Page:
Social is a great “signal scout,” and brings faint signals to any organization. If the organization is savvy and agile enough to listen louder and apply those faint signals to their products or services, it can take advantage of key market opportunities faster than its competitors. That’s where profitable B2B growth comes from. I have a lot of respect for Michael Porter and his Five Forces model as a strong asset to the field of strategy.  What Porter didn’t have decades ago were social networks, media, or engagement. He couldn’t have predicted the dramatic effect that a more holistic customer lifecycle, influencer marketing, and unique buyer types would have on the bargaining power of buyers. Many of his definitions of buyer concentration, buyer volume, switching costs, buyer information, buyer input, the ability to backward integrate, and decision-makers’ incentives were myopic given the information and resources he had at the time. Porter wasn’t challenged with the relationship between social influencers, brand affinity, and purchase decisions across different industry verticals. In essence, social influence positioning hadn’t been invented yet. Equate this to turbo charging Ford’s Model T.

Give us a high-level summary of your IMPACT model.

Immerse-Member-Participate-Accredit-Community-Transform. Immerse as broad of a market into your unique value-add and focus on how they’re better off because of you. Those who get it and matter will seek you out and will want to become members with exclusive privileges. Create world-class engagement opportunities for them to participate and get even more value from their investment of time, effort and resources. Accredit them through personal and professional growth so their knowledge, talent, skills, and access to influential relationships makes them more valuable in their markets. Develop a community of like-minded individuals who grow still through their interaction with one another. Finally, transform their situation. Only when they are truly transformed will they become evangelists for you.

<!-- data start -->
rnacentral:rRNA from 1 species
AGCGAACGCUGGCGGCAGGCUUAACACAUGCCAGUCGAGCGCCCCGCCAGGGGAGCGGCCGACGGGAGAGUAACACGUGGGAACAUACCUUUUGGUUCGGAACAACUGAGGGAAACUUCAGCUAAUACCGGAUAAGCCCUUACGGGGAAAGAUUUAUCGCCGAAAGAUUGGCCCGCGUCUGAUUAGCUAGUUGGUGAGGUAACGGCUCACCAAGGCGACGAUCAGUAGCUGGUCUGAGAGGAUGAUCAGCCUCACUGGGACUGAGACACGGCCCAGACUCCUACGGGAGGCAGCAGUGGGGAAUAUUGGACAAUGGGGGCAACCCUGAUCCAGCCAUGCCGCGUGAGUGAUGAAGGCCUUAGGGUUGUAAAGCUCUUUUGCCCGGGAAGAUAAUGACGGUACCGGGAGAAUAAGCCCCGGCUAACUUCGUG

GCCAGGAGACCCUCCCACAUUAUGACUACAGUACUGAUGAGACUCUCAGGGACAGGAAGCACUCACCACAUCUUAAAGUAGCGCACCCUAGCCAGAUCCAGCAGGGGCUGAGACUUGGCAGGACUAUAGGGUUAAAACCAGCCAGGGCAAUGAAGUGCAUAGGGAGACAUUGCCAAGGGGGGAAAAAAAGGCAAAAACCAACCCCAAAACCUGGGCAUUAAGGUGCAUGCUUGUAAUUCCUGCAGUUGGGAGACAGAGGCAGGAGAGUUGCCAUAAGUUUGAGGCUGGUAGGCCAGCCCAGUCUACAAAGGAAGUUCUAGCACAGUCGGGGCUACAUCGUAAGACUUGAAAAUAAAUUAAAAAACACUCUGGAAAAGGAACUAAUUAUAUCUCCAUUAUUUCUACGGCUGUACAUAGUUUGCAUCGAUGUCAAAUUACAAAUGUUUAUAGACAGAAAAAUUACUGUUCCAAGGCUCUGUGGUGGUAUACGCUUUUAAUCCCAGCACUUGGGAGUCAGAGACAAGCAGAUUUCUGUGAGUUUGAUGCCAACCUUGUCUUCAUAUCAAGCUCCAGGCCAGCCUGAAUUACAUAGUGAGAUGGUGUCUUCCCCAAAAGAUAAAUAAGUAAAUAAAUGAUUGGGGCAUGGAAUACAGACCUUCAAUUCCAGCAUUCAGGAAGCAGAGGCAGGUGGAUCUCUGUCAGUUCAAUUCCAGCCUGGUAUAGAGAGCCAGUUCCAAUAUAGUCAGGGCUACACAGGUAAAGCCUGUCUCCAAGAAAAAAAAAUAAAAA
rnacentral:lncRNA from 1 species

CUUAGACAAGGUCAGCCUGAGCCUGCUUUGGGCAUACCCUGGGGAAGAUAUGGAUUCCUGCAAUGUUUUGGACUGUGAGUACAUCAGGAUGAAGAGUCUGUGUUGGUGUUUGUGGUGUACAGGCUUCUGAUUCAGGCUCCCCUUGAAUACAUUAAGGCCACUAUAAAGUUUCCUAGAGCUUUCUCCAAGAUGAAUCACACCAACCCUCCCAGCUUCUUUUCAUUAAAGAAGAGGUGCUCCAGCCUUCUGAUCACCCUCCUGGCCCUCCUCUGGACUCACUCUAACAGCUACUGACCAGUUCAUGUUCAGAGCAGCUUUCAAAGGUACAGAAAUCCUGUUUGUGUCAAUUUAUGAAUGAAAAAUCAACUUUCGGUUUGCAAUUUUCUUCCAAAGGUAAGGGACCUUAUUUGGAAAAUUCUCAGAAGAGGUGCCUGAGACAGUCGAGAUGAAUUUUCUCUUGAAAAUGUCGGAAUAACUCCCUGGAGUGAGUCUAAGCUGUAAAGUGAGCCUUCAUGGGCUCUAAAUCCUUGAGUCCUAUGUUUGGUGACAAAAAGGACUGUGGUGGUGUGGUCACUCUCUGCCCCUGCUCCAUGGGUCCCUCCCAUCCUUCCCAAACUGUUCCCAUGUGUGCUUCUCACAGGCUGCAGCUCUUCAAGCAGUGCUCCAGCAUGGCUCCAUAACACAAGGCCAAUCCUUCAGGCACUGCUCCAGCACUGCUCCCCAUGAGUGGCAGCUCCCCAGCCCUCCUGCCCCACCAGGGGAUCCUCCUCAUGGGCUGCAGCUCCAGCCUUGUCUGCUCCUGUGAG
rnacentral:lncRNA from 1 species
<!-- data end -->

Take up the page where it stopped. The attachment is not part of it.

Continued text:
You provide a comprehensive IMPACT scorecard to help leaders assess their social networking effectiveness. Who is using this today, and what are they learning from it?

The IMPACT Scorecard is more than an assessment tool for social networking effectiveness; it really is a benchmark mechanism against your competitive peers. We are currently implementing it and tracking our progress against it among a dozen global clients.They range from global account teams at a Fortune 50 client to a 40 year old trade association desperately trying to evolve beyond its legacy to its future.